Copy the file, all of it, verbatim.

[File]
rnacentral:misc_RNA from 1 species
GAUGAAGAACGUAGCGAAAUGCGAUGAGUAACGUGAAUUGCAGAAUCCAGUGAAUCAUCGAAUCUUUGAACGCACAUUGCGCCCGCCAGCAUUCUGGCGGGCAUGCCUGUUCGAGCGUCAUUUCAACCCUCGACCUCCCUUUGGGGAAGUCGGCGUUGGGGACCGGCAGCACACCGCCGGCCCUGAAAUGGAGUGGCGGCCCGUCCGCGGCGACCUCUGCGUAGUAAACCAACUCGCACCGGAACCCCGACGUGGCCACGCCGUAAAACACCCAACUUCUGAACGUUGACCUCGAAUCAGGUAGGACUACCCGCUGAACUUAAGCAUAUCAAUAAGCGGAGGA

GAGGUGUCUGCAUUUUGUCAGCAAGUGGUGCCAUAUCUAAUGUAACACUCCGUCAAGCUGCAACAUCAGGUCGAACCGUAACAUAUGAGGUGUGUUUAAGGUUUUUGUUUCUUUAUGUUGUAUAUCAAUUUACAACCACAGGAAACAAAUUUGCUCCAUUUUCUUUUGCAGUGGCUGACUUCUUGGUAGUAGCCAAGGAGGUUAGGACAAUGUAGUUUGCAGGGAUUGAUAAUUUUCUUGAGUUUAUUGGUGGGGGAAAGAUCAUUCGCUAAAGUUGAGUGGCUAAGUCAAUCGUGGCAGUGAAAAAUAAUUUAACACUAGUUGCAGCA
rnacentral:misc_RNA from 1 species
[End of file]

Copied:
rnacentral:misc_RNA from 1 species
GAUGAAGAACGUAGCGAAAUGCGAUGAGUAACGUGAAUUGCAGAAUCCAGUGAAUCAUCGAAUCUUUGAACGCACAUUGCGCCCGCCAGCAUUCUGGCGGGCAUGCCUGUUCGAGCGUCAUUUCAACCCUCGACCUCCCUUUGGGGAAGUCGGCGUUGGGGACCGGCAGCACACCGCCGGCCCUGAAAUGGAGUGGCGGCCCGUCCGCGGCGACCUCUGCGUAGUAAACCAACUCGCACCGGAACCCCGACGUGGCCACGCCGUAAAACACCCAACUUCUGAACGUUGACCUCGAAUCAGGUAGGACUACCCGCUGAACUUAAGCAUAUCAAUAAGCGGAGGA

GAGGUGUCUGCAUUUUGUCAGCAAGUGGUGCCAUAUCUAAUGUAACACUCCGUCAAGCUGCAACAUCAGGUCGAACCGUAACAUAUGAGGUGUGUUUAAGGUUUUUGUUUCUUUAUGUUGUAUAUCAAUUUACAACCACAGGAAACAAAUUUGCUCCAUUUUCUUUUGCAGUGGCUGACUUCUUGGUAGUAGCCAAGGAGGUUAGGACAAUGUAGUUUGCAGGGAUUGAUAAUUUUCUUGAGUUUAUUGGUGGGGGAAAGAUCAUUCGCUAAAGUUGAGUGGCUAAGUCAAUCGUGGCAGUGAAAAAUAAUUUAACACUAGUUGCAGCA
rnacentral:misc_RNA from 1 species